Another civil case has been lodged against Sentinel Offender Services, this time alleging that a man was jailed for nearly five months for violating a probation term that ended two years ago.
The habeas corpus petition filed Friday in Richmond County Superior Court on behalf of John Randolph Carey seeks a ruling that his original sentence, imposed in March 2008, was invalid.
A dozen civil petitions since late 2012 have attacked the constitutionality of the state law that allows local governments to contract
with private, for-profit companies to provide probation services for misdemeanor offenders.
According to court records, Carey pleaded guilty March 24, 2008, in Richmond County State Court to driving under the influence, failure to maintain lane and driving on a suspended license. He was ordered to abide by electronic monitoring for alcohol use for 12 months as part of his three-year probation sentence.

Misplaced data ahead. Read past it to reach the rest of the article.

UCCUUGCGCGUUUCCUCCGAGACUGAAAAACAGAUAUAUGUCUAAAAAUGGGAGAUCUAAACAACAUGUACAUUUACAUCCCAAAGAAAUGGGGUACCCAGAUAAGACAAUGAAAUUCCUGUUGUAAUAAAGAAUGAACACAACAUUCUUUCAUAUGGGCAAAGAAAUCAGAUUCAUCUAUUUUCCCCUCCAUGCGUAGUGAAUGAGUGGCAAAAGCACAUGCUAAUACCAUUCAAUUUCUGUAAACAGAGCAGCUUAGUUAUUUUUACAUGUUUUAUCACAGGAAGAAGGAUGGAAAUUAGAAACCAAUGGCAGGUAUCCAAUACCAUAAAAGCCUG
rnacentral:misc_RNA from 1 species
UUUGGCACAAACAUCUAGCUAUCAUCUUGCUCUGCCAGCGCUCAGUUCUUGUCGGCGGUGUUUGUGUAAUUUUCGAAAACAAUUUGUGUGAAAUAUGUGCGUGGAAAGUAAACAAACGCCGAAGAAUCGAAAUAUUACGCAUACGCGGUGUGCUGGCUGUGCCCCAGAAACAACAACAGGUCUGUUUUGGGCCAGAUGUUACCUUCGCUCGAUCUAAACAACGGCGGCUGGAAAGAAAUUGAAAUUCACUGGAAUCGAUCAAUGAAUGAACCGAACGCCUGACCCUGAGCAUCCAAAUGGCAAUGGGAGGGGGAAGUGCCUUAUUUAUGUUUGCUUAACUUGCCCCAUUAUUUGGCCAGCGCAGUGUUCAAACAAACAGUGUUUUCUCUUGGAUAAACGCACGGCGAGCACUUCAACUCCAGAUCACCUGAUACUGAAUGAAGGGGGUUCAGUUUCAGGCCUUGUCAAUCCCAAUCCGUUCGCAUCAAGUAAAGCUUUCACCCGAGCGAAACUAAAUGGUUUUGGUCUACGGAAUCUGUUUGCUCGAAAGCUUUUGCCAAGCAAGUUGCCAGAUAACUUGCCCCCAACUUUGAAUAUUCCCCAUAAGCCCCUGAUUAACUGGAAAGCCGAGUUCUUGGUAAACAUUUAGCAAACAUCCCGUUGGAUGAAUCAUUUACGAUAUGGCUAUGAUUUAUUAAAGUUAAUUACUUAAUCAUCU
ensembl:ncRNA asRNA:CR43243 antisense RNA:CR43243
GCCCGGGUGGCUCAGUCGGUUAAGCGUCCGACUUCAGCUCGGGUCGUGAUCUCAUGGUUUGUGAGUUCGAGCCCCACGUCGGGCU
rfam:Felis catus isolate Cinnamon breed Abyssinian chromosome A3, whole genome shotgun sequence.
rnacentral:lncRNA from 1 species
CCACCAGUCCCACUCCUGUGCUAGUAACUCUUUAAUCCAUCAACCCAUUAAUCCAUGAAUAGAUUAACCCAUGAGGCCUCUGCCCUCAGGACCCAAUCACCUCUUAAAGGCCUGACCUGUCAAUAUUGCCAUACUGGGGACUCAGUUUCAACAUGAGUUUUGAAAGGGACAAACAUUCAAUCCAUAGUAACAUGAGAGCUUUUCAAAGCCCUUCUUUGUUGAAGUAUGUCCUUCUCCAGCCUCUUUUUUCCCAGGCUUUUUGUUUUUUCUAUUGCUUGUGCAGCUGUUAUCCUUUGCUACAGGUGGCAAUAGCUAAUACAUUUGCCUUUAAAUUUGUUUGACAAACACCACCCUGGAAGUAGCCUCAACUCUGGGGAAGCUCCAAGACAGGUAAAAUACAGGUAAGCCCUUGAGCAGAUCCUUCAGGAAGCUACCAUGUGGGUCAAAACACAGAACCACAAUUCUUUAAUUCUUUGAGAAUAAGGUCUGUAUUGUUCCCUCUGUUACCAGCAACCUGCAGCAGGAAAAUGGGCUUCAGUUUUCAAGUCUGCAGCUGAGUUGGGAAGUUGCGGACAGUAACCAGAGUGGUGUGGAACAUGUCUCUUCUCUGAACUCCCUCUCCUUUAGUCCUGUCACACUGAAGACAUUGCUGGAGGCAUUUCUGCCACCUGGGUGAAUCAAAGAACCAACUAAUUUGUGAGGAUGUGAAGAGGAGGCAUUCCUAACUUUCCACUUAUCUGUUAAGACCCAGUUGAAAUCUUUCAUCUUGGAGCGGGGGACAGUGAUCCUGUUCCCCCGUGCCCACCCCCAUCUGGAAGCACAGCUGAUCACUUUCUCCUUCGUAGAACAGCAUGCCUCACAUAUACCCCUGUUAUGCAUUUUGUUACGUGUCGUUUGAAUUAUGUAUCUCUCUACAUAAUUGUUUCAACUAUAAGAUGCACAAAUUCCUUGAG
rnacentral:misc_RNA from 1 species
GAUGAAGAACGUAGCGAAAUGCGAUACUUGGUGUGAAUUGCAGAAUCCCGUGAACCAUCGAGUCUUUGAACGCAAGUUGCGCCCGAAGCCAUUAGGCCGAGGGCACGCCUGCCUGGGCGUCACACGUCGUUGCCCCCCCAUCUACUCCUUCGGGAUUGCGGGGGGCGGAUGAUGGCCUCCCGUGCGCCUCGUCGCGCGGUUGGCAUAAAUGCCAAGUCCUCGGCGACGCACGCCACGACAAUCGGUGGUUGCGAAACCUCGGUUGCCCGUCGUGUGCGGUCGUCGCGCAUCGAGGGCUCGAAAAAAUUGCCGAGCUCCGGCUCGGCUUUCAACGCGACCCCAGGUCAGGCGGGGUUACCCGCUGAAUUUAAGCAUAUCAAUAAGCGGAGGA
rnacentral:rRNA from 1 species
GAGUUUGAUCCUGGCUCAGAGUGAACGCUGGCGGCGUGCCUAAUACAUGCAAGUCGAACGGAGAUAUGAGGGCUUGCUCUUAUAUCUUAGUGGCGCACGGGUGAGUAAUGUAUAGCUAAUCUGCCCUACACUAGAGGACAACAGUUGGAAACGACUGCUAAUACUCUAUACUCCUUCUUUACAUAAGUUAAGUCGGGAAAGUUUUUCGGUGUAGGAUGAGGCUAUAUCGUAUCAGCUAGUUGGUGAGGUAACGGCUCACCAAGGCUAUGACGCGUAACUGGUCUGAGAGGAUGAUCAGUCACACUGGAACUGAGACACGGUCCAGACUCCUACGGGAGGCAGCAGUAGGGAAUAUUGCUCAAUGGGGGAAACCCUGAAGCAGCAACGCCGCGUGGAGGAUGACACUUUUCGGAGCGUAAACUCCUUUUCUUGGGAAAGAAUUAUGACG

The sentence should have expired March 24, 2011, according to the petition, but in April 2009, a Sentinel employee swore out a warrant against Carey that kept the sentence from expiring.
The warrant was never served on Carey. Two years later when he was arrested on a unrelated matter that was dismissed, he was sent to the Richmond County jail, where he has been since April 1.
On April 17, Judge David D. Watkins sentenced Carey to one year in jail and another year on probation for violating his original probation.
Carey’s attorneys are challenging the legality of Carey’s plea in 2008, the constitutionality of allowing a private company to use the judicial process to collect fees, the legality of electronic monitoring for misdemeanor offenses, and the constitutionality of extended probation sentences.